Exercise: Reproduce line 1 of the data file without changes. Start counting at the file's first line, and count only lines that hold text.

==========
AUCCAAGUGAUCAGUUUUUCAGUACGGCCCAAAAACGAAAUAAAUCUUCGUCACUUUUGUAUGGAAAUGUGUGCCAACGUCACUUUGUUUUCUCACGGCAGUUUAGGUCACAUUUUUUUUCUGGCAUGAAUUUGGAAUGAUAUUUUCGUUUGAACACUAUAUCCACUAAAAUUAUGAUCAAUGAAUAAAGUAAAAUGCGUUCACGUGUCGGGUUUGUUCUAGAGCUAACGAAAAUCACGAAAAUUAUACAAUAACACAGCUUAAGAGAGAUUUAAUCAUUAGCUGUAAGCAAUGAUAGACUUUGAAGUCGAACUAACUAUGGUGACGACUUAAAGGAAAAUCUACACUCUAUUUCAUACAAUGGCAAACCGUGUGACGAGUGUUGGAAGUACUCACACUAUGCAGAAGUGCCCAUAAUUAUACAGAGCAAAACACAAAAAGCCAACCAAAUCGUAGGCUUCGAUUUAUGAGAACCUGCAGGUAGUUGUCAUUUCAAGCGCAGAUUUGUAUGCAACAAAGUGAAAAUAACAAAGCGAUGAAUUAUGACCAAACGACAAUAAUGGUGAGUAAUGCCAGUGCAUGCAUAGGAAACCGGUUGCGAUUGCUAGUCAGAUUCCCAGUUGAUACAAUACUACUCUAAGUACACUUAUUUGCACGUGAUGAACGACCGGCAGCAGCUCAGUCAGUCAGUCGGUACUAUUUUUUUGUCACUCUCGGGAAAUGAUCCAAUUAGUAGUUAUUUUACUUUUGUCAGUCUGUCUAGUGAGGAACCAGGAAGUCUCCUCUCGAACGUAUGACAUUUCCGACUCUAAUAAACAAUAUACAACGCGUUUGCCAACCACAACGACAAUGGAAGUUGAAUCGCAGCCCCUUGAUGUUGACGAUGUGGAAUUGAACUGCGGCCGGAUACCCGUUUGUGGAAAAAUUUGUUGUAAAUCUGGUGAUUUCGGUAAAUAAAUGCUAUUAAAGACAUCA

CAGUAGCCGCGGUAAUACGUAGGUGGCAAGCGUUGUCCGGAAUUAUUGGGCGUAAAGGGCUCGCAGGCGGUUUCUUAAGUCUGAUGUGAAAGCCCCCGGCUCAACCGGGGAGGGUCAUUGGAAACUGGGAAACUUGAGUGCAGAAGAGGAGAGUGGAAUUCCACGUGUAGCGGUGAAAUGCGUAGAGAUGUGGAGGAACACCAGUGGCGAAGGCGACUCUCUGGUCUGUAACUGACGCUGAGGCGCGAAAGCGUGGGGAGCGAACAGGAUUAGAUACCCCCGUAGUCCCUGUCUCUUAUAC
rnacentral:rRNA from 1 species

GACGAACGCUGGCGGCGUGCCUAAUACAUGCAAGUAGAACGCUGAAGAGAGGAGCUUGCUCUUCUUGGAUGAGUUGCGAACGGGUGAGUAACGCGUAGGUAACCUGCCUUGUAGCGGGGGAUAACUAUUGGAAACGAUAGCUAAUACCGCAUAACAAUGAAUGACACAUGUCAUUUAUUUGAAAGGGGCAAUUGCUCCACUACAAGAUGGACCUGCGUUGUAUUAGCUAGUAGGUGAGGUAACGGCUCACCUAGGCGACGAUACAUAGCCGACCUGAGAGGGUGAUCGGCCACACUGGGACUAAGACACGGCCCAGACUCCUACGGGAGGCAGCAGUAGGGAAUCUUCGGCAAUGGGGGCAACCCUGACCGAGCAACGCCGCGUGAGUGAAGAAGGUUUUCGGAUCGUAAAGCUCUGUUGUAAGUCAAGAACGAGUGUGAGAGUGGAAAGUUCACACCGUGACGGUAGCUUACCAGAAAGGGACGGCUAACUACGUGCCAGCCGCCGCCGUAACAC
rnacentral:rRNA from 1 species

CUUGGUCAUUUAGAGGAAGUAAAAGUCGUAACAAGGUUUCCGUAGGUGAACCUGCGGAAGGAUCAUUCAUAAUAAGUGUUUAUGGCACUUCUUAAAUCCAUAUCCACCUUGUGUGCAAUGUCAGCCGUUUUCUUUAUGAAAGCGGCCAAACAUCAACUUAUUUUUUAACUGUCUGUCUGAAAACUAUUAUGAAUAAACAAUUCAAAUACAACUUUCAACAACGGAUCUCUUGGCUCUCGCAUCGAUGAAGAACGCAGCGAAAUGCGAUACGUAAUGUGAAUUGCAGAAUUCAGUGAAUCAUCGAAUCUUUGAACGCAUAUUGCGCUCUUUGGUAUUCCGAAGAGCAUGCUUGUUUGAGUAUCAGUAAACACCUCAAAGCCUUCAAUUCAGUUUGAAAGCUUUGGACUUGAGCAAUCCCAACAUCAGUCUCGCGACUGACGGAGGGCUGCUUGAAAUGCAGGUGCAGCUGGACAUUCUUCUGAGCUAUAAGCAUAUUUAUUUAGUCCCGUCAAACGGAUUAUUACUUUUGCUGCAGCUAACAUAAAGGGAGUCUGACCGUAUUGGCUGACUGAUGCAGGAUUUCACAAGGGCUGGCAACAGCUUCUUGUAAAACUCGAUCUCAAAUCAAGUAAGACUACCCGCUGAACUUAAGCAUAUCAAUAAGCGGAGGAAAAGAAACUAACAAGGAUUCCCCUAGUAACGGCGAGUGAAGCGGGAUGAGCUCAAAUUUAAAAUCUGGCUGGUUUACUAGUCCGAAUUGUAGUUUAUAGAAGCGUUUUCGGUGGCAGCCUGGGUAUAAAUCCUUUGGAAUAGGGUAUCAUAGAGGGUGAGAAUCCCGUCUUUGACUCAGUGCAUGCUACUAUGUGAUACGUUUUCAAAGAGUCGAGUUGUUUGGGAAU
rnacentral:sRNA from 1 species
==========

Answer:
AUCCAAGUGAUCAGUUUUUCAGUACGGCCCAAAAACGAAAUAAAUCUUCGUCACUUUUGUAUGGAAAUGUGUGCCAACGUCACUUUGUUUUCUCACGGCAGUUUAGGUCACAUUUUUUUUCUGGCAUGAAUUUGGAAUGAUAUUUUCGUUUGAACACUAUAUCCACUAAAAUUAUGAUCAAUGAAUAAAGUAAAAUGCGUUCACGUGUCGGGUUUGUUCUAGAGCUAACGAAAAUCACGAAAAUUAUACAAUAACACAGCUUAAGAGAGAUUUAAUCAUUAGCUGUAAGCAAUGAUAGACUUUGAAGUCGAACUAACUAUGGUGACGACUUAAAGGAAAAUCUACACUCUAUUUCAUACAAUGGCAAACCGUGUGACGAGUGUUGGAAGUACUCACACUAUGCAGAAGUGCCCAUAAUUAUACAGAGCAAAACACAAAAAGCCAACCAAAUCGUAGGCUUCGAUUUAUGAGAACCUGCAGGUAGUUGUCAUUUCAAGCGCAGAUUUGUAUGCAACAAAGUGAAAAUAACAAAGCGAUGAAUUAUGACCAAACGACAAUAAUGGUGAGUAAUGCCAGUGCAUGCAUAGGAAACCGGUUGCGAUUGCUAGUCAGAUUCCCAGUUGAUACAAUACUACUCUAAGUACACUUAUUUGCACGUGAUGAACGACCGGCAGCAGCUCAGUCAGUCAGUCGGUACUAUUUUUUUGUCACUCUCGGGAAAUGAUCCAAUUAGUAGUUAUUUUACUUUUGUCAGUCUGUCUAGUGAGGAACCAGGAAGUCUCCUCUCGAACGUAUGACAUUUCCGACUCUAAUAAACAAUAUACAACGCGUUUGCCAACCACAACGACAAUGGAAGUUGAAUCGCAGCCCCUUGAUGUUGACGAUGUGGAAUUGAACUGCGGCCGGAUACCCGUUUGUGGAAAAAUUUGUUGUAAAUCUGGUGAUUUCGGUAAAUAAAUGCUAUUAAAGACAUCA